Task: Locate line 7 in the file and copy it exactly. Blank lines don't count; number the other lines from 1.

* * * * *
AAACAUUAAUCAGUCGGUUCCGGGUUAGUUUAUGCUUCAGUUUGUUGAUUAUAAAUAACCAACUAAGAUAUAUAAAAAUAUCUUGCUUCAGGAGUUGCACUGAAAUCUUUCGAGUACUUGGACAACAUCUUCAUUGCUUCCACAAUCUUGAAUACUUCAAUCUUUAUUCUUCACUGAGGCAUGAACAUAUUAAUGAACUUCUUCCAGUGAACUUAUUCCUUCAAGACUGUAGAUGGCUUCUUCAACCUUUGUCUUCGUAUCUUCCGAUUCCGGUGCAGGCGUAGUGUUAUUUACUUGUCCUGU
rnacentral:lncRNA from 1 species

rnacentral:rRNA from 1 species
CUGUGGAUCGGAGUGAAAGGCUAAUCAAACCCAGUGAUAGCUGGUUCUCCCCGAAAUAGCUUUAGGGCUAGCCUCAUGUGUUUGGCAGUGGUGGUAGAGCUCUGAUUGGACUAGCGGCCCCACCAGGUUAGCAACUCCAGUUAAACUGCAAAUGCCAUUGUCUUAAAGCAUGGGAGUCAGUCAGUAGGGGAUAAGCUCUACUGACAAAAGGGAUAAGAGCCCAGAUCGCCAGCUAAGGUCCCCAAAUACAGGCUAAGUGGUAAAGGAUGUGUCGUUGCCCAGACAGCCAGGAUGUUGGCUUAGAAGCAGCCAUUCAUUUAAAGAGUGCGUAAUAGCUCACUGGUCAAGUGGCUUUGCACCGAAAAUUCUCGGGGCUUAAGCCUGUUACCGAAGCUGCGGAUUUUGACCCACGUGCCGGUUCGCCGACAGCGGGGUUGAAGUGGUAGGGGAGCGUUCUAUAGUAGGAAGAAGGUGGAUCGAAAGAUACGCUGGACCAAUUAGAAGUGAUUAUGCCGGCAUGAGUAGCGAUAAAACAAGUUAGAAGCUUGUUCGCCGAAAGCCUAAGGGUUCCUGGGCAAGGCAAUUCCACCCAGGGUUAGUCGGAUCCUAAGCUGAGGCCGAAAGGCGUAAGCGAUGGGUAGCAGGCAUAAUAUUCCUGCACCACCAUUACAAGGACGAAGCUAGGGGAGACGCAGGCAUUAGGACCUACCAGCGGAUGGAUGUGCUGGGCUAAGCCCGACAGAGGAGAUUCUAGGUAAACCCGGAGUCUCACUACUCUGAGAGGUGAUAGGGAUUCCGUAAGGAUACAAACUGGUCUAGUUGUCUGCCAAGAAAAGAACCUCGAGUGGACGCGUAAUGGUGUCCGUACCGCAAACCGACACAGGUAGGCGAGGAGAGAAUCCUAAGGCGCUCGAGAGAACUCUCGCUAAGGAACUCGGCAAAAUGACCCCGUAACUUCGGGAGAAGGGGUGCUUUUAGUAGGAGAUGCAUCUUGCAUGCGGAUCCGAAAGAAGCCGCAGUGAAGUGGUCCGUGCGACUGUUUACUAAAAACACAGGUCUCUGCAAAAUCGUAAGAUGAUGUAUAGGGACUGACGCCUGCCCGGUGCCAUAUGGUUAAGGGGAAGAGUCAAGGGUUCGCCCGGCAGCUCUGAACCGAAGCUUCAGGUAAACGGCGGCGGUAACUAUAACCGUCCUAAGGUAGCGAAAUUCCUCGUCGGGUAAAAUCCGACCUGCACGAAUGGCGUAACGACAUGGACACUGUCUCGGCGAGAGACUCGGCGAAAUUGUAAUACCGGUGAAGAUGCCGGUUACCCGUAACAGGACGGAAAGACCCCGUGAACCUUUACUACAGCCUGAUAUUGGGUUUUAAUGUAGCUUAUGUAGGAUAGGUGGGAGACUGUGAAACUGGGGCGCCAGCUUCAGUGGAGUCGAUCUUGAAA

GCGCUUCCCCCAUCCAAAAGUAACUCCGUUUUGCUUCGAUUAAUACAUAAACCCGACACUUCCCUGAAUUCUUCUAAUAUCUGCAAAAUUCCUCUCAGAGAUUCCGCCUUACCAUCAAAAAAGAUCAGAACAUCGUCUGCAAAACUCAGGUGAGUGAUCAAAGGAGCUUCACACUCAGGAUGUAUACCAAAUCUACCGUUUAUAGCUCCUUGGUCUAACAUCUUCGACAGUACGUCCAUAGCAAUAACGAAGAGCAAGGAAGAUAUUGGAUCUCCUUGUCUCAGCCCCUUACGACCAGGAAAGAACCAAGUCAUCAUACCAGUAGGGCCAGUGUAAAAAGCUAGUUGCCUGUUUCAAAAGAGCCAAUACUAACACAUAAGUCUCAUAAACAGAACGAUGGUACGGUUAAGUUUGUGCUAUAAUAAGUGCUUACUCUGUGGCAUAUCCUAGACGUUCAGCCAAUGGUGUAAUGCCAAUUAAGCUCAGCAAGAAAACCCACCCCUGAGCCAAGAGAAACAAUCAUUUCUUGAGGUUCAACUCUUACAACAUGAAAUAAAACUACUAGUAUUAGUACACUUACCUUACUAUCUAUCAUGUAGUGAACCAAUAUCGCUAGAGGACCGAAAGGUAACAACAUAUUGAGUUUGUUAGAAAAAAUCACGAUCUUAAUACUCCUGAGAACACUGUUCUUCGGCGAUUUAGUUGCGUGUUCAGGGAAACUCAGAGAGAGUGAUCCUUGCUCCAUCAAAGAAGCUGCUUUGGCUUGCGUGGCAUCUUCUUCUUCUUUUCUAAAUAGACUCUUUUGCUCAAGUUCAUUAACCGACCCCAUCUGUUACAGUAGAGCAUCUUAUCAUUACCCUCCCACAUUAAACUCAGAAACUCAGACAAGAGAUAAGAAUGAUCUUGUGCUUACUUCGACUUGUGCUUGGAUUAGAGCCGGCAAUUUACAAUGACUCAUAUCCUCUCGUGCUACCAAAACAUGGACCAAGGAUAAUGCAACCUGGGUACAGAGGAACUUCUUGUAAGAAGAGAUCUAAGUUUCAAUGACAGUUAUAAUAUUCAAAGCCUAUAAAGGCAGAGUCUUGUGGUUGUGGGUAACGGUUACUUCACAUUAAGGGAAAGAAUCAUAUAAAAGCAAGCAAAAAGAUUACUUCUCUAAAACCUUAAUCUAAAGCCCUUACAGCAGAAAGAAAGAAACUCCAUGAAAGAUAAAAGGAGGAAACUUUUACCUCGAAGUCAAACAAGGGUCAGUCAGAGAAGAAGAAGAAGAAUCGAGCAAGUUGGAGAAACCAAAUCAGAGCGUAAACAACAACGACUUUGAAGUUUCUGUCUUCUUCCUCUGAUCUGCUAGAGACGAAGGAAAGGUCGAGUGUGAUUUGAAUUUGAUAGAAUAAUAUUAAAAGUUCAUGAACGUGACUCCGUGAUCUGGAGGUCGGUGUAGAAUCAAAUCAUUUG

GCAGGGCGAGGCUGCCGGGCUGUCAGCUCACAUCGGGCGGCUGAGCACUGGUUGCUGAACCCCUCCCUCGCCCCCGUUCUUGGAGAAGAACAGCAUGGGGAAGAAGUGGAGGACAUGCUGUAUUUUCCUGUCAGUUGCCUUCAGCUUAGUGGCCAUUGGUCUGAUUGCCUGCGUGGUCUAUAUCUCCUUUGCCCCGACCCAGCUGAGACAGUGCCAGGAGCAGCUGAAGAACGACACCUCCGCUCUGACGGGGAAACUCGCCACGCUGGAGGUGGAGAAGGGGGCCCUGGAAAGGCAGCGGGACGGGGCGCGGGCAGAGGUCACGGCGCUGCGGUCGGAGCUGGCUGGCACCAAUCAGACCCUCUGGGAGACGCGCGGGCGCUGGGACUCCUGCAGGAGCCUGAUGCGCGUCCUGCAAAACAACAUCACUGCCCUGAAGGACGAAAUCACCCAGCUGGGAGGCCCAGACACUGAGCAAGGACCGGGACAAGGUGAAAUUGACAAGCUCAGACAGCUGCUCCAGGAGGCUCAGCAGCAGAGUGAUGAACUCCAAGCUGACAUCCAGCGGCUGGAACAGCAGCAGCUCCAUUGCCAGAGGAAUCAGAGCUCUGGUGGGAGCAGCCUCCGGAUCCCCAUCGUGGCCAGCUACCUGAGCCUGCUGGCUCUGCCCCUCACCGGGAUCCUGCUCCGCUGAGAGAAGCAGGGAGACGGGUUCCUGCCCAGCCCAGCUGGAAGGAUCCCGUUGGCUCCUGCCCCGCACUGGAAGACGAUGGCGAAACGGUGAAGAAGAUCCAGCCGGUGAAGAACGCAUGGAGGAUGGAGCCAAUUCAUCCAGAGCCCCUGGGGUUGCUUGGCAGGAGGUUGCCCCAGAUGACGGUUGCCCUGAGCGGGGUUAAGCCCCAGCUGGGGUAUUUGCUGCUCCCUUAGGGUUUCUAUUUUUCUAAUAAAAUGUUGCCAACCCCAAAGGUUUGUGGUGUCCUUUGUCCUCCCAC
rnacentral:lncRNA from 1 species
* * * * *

rnacentral:lncRNA from 1 species